Showing posts with label Amazon Prime. Show all posts
Showing posts with label Amazon Prime. Show all posts

Friday, November 4, 2022

No Need To Worry About Amazon's Kindle Prime Lending Program

How Is Kindle's Lending Program Kin to Libaries'?

What Might Ann Landers Say About
Amazon’s Kindle Lending Program



By Carolyn Howard-Johnson

I often use a “Q&A a la Ann Landers” format for my SharingwithWriters newsletter. I became a regular reader of her columns when I started my first job in journalism and part of my duties were to make her column fit the “society page” layout. In other words, it was an edit-to-fit task. No way would I interfere with her copy! Gasp! I cringed every time I had to delete something, but I learned much from her—about life and about editing! I am still hearing from readers of my books who don’t quite understand how the concept of borrowing a book benefits their marketing campaign.

QUESTION:

How do you feel about the free borrowing feature offered by Amazon to their Prime members for their Kindle books?

ANSWER:
I don't think any of us would have objected to library lending back in the days before Kindle. Yes, there are some differences—not least of which is that libraries bought the books they lent. But benefits of lending programs still exist—whether we’re talking library or Kindle's lending or online Peek-Inside features.
Here are some of them:
 

  Libraries buy books for their shelves, too. An e-book that does well in a library may also be considered for their system wide purchases. That can be quite a Ka-Ching for books so chosen by large library systems. Sometimes 50 books or more. Online entities logarithms might reward oft-read books with more exposure.

  Amazon provides a stipend from their huge KDP Select global Fund when customers read their books from the Kindle Unlimited and Kindle Owners’ Lending Library. It’s based on how many pages the reader actually turns (or reads). Amazon announce the amount to money that goes into that fun regularly.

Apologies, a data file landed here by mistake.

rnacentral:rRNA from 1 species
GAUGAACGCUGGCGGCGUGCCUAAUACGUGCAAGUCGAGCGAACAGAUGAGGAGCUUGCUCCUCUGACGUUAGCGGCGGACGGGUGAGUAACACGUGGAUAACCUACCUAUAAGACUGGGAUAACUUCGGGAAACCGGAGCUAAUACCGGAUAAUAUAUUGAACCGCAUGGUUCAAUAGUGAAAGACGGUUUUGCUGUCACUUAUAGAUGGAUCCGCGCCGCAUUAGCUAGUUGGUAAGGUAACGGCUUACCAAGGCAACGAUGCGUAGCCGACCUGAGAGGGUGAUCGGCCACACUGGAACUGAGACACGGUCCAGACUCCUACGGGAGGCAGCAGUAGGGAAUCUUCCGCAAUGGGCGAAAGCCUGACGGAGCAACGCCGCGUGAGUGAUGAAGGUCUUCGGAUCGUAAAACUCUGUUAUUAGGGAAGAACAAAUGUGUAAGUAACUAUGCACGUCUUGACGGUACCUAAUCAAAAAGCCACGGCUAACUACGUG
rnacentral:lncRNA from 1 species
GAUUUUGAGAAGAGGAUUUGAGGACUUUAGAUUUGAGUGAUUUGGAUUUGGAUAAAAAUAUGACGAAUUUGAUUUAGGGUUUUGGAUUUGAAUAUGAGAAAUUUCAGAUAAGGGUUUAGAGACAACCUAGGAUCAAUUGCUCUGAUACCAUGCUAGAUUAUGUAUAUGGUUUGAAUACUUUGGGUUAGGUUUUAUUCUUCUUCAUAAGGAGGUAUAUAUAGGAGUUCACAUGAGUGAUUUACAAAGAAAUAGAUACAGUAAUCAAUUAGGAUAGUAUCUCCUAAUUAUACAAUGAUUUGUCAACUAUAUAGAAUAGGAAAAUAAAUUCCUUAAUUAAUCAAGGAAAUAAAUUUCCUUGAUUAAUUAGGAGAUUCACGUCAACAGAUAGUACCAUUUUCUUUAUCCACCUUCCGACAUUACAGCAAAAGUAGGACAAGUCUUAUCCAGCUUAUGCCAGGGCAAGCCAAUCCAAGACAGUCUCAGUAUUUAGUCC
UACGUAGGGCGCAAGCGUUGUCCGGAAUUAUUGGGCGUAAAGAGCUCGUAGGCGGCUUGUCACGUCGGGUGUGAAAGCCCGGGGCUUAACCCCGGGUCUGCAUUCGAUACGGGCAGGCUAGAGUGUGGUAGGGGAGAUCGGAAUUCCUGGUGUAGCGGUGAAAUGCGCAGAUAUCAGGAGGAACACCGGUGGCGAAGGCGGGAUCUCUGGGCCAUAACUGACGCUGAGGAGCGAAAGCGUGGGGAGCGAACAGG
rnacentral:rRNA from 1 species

Loaned books allow people who can’t afford a book (or won’t spend the money) to read them. Most authors want their books read. Great readership can create sales greater momentum in a still wider world of readers.

The same concept applies to readership in general—purchased, lent, or borrowed—that will likely increase the buzz about a book which results in more sales.

  Activity on book lending gets noticed by Amazon’s algorithms. The more action you have on you Amazon account, the more likely Amazon’s logarithms will be to peg your book for additional exposure.

There is another big advantage. If your book is available to borrow on Amazon's Prime program, reviewers are often just as happy accessing your book that way instead of having you send a hardcopy to them. That's saves time and money for the author or publisher. In fact, that is one of the tips I give in one of the books in my #HowToDoItFrugally Series of books for writers.  It is How to Get Great Book Reviews Frugally and Ethically.
 
One last thing: Borrowing of any kind over paper that also must be shipped minimizes your carbon footprint. That’s important for authors who are also greenies.
 

More About Today's Author:

Carolyn Howard-Johnson brings her experience as a publicist, journalist, marketer, and retailer to the advice she gives in her HowToDoIhttps://howtodoitfrugally.com/tFrugally series of books for writers and the many classes she taught for nearly a decade as instructor for UCLA Extension’s world-renown Writers’ Program. The books in her HowToDoItFrugally Series of books for writers have won multiple awards.
Howard-Johnson is the recipient of the California Legislature’s Woman of the Year in Arts and Entertainment Award, and her community’s Character and Ethics award for her work promoting tolerance with her writing. She was also named to Pasadena Weekly’s list of “Fourteen San Gabriel Valley women who make life happen” and was given her community’s Diamond Award for Achievement in the Arts.
The author loves to travel. She has visited nearly 100 countries and has studied writing at Cambridge University in the United Kingdom; Herzen University in St. Petersburg, Russia; and Charles University, Prague. She admits to carrying a pen and journal wherever she goes. Her Web site is https://howtodoitfrugally.com.

PS: The typewriter featured in this article is the very one Carolyn used for personal projects back in the day she was trimming Ann Landers' columns to fit what people then called the "Society" page of the newspaper she worked for.

 

 

 

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